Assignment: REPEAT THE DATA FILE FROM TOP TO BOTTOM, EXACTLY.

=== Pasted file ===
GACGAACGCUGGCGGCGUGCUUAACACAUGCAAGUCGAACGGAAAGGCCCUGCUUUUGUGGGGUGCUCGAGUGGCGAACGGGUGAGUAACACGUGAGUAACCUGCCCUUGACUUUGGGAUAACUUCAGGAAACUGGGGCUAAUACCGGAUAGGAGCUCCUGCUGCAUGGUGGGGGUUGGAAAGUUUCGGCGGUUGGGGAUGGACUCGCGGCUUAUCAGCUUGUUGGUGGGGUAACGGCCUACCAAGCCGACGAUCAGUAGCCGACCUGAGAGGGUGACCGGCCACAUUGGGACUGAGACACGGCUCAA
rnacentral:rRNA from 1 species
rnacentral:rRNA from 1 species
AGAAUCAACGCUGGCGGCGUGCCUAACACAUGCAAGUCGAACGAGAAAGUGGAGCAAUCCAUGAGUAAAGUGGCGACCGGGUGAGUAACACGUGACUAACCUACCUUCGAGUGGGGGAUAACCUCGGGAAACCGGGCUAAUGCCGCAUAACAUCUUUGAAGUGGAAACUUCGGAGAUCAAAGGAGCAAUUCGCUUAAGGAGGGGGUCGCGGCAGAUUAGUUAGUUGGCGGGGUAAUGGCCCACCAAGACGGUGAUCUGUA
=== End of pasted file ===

GACGAACGCUGGCGGCGUGCUUAACACAUGCAAGUCGAACGGAAAGGCCCUGCUUUUGUGGGGUGCUCGAGUGGCGAACGGGUGAGUAACACGUGAGUAACCUGCCCUUGACUUUGGGAUAACUUCAGGAAACUGGGGCUAAUACCGGAUAGGAGCUCCUGCUGCAUGGUGGGGGUUGGAAAGUUUCGGCGGUUGGGGAUGGACUCGCGGCUUAUCAGCUUGUUGGUGGGGUAACGGCCUACCAAGCCGACGAUCAGUAGCCGACCUGAGAGGGUGACCGGCCACAUUGGGACUGAGACACGGCUCAA
rnacentral:rRNA from 1 species
rnacentral:rRNA from 1 species
AGAAUCAACGCUGGCGGCGUGCCUAACACAUGCAAGUCGAACGAGAAAGUGGAGCAAUCCAUGAGUAAAGUGGCGACCGGGUGAGUAACACGUGACUAACCUACCUUCGAGUGGGGGAUAACCUCGGGAAACCGGGCUAAUGCCGCAUAACAUCUUUGAAGUGGAAACUUCGGAGAUCAAAGGAGCAAUUCGCUUAAGGAGGGGGUCGCGGCAGAUUAGUUAGUUGGCGGGGUAAUGGCCCACCAAGACGGUGAUCUGUA